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From intimate pleasures to spectacular vistas: musicality and historicity in French and American 'classical' cinema of the 1930s

By Tom Brown


This thesis considers the role of spectacle in two modes of filmmaking in the French and American 'classical' cinemas of the 1930s. I examine the relationship of spectacle to the emotions and drama of musical films, and to the `history-telling' of biopics, war films and other genres of historical cinema. One reason for the comparison is the hegemonic position of classical Hollywood cinema in film scholarship. Although I am respectful of the insights offered by the concept of a `classical' cinema, a more central motivation for this study is the failure of much criticism to account for the relationship of spectacle to a concept denoting an unobtrusive, self-effacing style.\ud An introduction is followed by a chapter surveying key literature in the field, focusing in particular on work on classical French and American cinema, cinematic spectacle and filmic, particularly generic, categories. The second chapter is divided roughly in two. The first half examines the various theatrical roots of French and American musical films of the thirties. The second half examines the `utopian' feelings (Dyer, ([1977] 1992) musical spectacle serves. This division uncovers the greater ambivalence of French musical films, and their more circuitous approach to spectacle. Chapter three examines historical films through categories inspired by the work of Friedrich Nietzsche ([1874] 1983). I examine the prevailing `monumental' approach to historical subjects, but also two key varieties of spectacle: the `spectacular vista' and the `decor of history'. I conclude by reflecting on the possibility of a critical historiography within French and American film of the thirties.\ud Though the balance of my attention favours French examples in the chapter on musical films, my intention throughout is to compare and, where fruitful, contrast the two national cinemas. The thesis develops theoretical but, even more, practical understandings of particular kinds of spectacle; they are susceptible of the practice of close textual analysis. This is my central method of investigation. I attempt, throughout, to place the examination of films within their wider historical, industrial and critical contexts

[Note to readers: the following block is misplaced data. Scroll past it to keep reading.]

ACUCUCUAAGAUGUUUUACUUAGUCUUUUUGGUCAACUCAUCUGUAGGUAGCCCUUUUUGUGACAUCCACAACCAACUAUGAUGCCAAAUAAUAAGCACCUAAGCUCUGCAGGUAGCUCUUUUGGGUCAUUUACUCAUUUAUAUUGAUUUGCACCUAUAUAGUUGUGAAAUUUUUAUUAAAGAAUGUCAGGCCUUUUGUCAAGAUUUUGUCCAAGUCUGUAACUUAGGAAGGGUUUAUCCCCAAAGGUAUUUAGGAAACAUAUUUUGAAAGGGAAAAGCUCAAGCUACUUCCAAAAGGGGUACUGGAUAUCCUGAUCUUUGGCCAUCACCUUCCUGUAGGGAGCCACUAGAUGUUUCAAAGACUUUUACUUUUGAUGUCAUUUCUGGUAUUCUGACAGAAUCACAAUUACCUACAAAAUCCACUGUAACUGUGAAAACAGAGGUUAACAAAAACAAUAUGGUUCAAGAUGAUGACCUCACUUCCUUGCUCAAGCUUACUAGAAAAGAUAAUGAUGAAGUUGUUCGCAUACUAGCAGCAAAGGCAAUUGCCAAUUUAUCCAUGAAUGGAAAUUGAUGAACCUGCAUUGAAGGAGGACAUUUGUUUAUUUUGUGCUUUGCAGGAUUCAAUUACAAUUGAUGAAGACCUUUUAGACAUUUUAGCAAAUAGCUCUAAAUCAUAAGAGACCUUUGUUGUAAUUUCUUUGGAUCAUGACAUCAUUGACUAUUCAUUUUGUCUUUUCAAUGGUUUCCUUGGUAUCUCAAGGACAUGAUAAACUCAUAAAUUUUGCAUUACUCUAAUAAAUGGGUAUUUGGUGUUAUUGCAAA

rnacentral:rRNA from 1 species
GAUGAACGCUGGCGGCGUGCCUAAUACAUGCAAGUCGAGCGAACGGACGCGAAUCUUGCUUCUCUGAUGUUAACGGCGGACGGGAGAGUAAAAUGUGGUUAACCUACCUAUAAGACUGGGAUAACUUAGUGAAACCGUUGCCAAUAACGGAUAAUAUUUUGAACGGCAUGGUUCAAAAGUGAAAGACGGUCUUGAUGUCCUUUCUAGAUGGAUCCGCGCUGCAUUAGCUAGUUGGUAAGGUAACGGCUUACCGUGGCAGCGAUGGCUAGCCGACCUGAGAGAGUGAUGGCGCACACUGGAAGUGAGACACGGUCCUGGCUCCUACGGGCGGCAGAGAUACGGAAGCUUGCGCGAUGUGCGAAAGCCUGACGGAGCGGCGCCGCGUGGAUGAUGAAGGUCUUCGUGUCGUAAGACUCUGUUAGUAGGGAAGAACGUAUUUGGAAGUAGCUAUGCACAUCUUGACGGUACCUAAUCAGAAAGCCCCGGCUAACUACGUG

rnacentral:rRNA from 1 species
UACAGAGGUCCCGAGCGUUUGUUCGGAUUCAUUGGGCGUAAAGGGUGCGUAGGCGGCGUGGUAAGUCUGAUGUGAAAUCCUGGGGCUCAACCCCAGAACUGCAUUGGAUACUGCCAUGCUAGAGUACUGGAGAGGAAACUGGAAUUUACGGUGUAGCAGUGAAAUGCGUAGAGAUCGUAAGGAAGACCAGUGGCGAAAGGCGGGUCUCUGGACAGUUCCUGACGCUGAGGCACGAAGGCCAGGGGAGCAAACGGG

Topics: PN1993
OAI identifier: oai:wrap.warwick.ac.uk:1119
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